Are administrative functions other than registration–such as tuition payments and adding or dropping courses–available online? This criterion also was used as a tiebreaker in the event that two or more schools had the same score, tying them for a slot in the top 25. Editors at The Princeton Review reviewed the depth of functions available to students and gave the advantage to schools that indicated more advanced capabilities.

Ownership Requirements
Are students required to own a computer while attending school?

Computer Purchase
Does the school have a special pricing, discount, or resale agreement with hardware vendors?

Handheld Computing
Does the school have special programs or coursework available specifically for handheld devices, or does it offer IT support specifically for these devices?

Streaming Courses
Does the school stream audio or video of any of its courses online?

Dorm Access
Is network access available in dorm rooms?

Lounge Access
Is network access available in dormitory lounges?

Is a computer ethics policy in place for the school?

Is a USENET feed available to students?

Computers Provided
Does the school’s tuition include a computer for each student?

Multimedia Equipment
Does the school provide multimedia equipment such as digital cameras, digital video cameras, scanners, or professional-quality printers?

Emerging Curricula
Does the school offer courses in computer security, video gaming, or robotics?

Digital Streaming
Does the school stream audio or video of its campus radio or TV stations online?

Because every student has a computer, professors can require the use of certain software applications and online learning tools without worrying about who has access to the programs and who doesn’t, said Jim Kolb, RPI’s chief information officer.

The ubiquity of technology on campus–from wireless laptop computers to hands-on design and research labs–gives students and teachers an opportunity to interact and share ideas no matter where they are on campus, Kolb said: “An awful lot of good learning goes on outside the classroom, too.”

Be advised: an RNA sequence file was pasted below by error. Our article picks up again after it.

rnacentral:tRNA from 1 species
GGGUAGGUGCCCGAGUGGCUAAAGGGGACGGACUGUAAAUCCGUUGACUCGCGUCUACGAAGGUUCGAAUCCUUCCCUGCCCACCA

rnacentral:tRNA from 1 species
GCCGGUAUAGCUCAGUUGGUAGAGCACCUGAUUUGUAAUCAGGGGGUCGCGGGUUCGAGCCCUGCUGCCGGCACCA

Rounding out the top five schools are Bryant University of Smithfield, R.I.; DePauw University of Greencastle, Ind.; Temple University of Philadelphia; and the University of North Carolina (UNC) at Chapel Hill. (For the complete roster of Top 25 schools, see accompanying list.)

To determine the rankings for its “Most Connected Campuses” list, The Princeton Review solicited data from 357 top colleges and universities around the country, asking them 20 questions about the technological sophistication of their campuses.

Editors at The Princeton Review assigned point values to each question based on the perceived importance of that aspect of campus life. Some of the more heavily weighted factors included the ratio of computers to students; whether a campus-wide network is in place; whether the school has a wireless network; whether students can register for classes online; and whether the school streams video or audio of courses online. (For the full criteria, see related story.)

To refine its ratings and reflect the importance of emerging technologies, The Princeton Review made several changes to last year’s survey, adding questions ranging from whether a school offers network access in its dorm lounges to whether it has a computer-ethics policy in place.

As a result of these changes, as well as new initiatives under way at the surveyed campuses, the rankings have changed radically since last year. Only four schools in last year’s top 25–Bryant University, UNC-Chapel Hill, the University of South Dakota, and Hofstra University–appear on this year’s list.


The Princeton Review

“America’s Most Connected Campuses”

Rensselaer Polytechnic Institute